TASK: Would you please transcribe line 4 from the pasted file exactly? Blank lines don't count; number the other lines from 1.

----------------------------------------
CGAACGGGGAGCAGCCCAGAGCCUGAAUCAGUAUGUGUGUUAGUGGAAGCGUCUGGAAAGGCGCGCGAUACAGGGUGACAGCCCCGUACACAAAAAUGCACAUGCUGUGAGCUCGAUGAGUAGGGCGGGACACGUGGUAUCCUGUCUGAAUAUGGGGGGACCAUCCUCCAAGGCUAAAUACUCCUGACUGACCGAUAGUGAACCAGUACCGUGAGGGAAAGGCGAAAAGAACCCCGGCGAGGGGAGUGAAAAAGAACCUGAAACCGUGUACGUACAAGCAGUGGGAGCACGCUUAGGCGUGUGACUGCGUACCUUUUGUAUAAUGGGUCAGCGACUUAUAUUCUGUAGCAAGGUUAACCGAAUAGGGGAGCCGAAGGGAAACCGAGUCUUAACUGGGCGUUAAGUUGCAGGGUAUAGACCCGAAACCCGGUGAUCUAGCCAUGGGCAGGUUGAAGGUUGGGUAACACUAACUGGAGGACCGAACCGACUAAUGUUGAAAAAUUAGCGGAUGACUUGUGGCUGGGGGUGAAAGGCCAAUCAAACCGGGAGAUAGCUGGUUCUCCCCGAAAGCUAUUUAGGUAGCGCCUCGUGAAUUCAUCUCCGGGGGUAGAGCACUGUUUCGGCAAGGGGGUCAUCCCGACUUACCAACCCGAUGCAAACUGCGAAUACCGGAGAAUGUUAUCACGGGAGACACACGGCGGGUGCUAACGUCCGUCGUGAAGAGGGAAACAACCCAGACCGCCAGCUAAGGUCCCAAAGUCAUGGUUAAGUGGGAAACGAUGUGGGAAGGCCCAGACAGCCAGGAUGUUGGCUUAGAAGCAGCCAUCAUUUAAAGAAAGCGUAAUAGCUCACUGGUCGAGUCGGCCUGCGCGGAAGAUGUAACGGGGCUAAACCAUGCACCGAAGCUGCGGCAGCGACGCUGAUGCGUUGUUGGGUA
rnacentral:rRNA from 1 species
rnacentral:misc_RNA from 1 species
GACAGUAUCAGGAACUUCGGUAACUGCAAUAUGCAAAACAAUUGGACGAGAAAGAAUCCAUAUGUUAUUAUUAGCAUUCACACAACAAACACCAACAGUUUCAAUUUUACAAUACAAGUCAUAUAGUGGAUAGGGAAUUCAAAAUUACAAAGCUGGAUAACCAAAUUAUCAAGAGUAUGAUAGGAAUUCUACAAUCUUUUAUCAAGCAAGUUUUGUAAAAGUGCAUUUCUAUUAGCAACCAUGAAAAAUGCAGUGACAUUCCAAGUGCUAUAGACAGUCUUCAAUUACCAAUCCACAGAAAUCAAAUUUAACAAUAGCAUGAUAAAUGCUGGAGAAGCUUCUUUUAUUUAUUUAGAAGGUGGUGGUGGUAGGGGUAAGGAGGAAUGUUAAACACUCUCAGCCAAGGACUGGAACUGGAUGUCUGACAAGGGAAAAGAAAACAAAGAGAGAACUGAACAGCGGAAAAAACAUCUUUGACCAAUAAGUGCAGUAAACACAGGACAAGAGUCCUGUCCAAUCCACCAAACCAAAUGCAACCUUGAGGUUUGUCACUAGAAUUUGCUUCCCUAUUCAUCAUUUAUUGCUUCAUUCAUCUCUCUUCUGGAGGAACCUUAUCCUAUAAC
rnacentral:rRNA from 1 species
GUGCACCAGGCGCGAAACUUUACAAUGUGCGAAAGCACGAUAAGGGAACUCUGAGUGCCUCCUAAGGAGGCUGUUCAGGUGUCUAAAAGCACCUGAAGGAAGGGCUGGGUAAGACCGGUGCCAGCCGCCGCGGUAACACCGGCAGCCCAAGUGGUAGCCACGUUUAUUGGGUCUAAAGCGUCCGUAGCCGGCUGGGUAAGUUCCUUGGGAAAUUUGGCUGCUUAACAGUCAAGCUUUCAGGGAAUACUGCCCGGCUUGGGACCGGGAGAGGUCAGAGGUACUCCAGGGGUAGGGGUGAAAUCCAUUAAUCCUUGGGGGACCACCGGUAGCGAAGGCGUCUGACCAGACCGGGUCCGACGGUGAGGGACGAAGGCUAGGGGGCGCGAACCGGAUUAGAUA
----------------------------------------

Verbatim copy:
GACAGUAUCAGGAACUUCGGUAACUGCAAUAUGCAAAACAAUUGGACGAGAAAGAAUCCAUAUGUUAUUAUUAGCAUUCACACAACAAACACCAACAGUUUCAAUUUUACAAUACAAGUCAUAUAGUGGAUAGGGAAUUCAAAAUUACAAAGCUGGAUAACCAAAUUAUCAAGAGUAUGAUAGGAAUUCUACAAUCUUUUAUCAAGCAAGUUUUGUAAAAGUGCAUUUCUAUUAGCAACCAUGAAAAAUGCAGUGACAUUCCAAGUGCUAUAGACAGUCUUCAAUUACCAAUCCACAGAAAUCAAAUUUAACAAUAGCAUGAUAAAUGCUGGAGAAGCUUCUUUUAUUUAUUUAGAAGGUGGUGGUGGUAGGGGUAAGGAGGAAUGUUAAACACUCUCAGCCAAGGACUGGAACUGGAUGUCUGACAAGGGAAAAGAAAACAAAGAGAGAACUGAACAGCGGAAAAAACAUCUUUGACCAAUAAGUGCAGUAAACACAGGACAAGAGUCCUGUCCAAUCCACCAAACCAAAUGCAACCUUGAGGUUUGUCACUAGAAUUUGCUUCCCUAUUCAUCAUUUAUUGCUUCAUUCAUCUCUCUUCUGGAGGAACCUUAUCCUAUAAC